When you compress air it heats, and when you decompress it it cools, but how much?(adsbygoogle = window.adsbygoogle || []).push({});

Working from http://en.wikipedia.org/wiki/Gay-Lussac's_law I find the equation

pressure/temperature=constant

so I derived for example

if the air is 10°C (283.16°K) and the pressure is 14PSI so...

14/283.16 = 0.04944

increase the pressure by 90 PSI

104/2103.5 = 0.04944

maintian pressure, but decrease temperature to almost ambient (16.84°C)

104/290 = 0.3586

decrease pressure to ambient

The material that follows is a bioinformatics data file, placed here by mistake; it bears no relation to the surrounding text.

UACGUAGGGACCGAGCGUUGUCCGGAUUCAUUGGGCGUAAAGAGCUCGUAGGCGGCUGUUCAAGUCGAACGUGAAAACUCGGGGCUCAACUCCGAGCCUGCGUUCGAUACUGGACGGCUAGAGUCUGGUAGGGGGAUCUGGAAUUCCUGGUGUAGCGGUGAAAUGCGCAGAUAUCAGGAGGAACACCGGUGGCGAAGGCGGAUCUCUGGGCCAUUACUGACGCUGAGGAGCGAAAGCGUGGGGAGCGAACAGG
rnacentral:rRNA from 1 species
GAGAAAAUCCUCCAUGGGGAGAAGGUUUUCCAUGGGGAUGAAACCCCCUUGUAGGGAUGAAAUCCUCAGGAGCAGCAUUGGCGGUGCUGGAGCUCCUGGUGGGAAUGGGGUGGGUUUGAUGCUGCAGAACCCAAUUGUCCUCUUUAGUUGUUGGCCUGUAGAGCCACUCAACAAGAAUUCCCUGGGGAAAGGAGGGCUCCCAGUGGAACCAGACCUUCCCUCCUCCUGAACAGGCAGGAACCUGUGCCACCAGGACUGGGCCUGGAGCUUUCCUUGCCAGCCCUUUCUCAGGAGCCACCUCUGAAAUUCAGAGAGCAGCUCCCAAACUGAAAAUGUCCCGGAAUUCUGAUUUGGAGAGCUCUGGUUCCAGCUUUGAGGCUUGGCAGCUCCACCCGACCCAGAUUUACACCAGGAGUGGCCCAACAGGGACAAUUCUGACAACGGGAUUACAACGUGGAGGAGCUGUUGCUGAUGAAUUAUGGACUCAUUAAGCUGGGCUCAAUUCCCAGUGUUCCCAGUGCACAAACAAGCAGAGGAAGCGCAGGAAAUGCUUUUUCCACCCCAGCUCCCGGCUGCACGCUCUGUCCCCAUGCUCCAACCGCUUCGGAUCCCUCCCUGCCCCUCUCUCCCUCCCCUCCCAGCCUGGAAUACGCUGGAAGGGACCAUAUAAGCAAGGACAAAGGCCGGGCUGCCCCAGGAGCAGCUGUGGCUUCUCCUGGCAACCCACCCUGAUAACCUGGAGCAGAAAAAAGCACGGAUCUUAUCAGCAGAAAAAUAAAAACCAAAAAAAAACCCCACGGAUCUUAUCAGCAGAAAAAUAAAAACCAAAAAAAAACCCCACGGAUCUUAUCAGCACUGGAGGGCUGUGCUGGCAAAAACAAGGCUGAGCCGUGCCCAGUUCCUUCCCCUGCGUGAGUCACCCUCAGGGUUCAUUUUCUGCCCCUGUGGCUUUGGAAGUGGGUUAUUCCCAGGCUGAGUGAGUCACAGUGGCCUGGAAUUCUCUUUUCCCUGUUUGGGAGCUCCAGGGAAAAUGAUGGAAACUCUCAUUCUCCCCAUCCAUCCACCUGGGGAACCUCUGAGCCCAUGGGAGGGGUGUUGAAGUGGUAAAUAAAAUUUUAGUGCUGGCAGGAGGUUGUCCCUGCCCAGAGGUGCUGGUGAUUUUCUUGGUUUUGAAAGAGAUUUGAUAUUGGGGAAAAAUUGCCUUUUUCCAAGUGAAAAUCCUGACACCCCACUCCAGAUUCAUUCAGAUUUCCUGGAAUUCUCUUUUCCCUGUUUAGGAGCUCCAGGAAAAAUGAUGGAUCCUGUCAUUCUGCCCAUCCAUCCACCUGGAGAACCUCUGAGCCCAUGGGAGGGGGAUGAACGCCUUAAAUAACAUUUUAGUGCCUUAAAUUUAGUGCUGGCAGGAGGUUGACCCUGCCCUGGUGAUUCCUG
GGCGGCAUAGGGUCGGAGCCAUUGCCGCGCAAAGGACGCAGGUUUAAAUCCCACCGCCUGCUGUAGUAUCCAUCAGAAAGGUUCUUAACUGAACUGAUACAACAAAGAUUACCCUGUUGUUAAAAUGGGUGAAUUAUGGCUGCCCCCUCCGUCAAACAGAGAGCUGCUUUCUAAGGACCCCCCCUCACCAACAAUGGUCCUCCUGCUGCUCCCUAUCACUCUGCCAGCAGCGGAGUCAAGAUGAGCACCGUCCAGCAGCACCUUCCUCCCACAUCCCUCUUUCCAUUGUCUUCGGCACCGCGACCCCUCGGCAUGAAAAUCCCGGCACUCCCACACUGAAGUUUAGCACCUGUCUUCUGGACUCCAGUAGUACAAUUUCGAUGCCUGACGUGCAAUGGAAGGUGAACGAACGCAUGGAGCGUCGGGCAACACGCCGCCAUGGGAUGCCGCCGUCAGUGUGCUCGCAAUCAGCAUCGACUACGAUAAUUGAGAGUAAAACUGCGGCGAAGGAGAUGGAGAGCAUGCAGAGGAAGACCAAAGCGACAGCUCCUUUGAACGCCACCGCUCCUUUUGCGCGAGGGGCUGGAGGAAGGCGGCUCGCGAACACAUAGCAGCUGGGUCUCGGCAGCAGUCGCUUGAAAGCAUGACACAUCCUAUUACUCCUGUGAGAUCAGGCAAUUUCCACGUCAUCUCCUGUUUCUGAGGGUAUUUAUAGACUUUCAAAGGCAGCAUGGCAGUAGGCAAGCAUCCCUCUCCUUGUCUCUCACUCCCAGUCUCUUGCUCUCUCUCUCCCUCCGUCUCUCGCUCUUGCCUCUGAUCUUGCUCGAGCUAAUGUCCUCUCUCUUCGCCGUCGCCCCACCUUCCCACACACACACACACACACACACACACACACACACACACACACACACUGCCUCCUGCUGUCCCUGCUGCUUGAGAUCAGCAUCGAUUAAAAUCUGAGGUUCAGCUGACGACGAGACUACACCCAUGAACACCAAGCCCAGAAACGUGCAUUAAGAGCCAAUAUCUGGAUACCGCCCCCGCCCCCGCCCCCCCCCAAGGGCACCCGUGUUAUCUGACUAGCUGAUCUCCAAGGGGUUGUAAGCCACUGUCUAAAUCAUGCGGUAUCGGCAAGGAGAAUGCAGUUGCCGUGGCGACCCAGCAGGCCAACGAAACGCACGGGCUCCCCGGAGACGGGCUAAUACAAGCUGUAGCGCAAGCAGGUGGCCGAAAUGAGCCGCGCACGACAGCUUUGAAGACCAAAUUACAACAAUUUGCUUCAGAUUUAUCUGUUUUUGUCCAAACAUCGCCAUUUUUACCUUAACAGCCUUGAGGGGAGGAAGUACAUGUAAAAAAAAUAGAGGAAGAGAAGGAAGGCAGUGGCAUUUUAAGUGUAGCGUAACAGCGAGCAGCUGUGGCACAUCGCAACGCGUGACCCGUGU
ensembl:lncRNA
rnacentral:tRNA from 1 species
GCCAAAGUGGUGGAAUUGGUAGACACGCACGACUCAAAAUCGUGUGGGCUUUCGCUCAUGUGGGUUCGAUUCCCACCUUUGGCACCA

14/39.04 = 0.3586

i.e. I compress a tank of air to 90psi above ambient air pressure of 14psi at 10 degrees celcius, I let it cool to almost ambient (just for easier math) and when I shoot the air out it decompresses and cools to 39 Kelvin. It doesn't sound right.

Then I realised that equation required mass and volume to remain constant.

http://en.wikipedia.org/wiki/Combined_gas_law gives me a more complete equation

(pressure x volume)/temperature = constant

but that would mean when I increassed the pressure by compacting the air I would, for example, decrease the volume by ten times thus increasing the pressure ten times and the temperature would remain constant.

Please, what am I missing???

**Physics Forums - The Fusion of Science and Community**

# Air pressure/temperature relationship

Have something to add?

- Similar discussions for: Air pressure/temperature relationship

Loading...

**Physics Forums - The Fusion of Science and Community**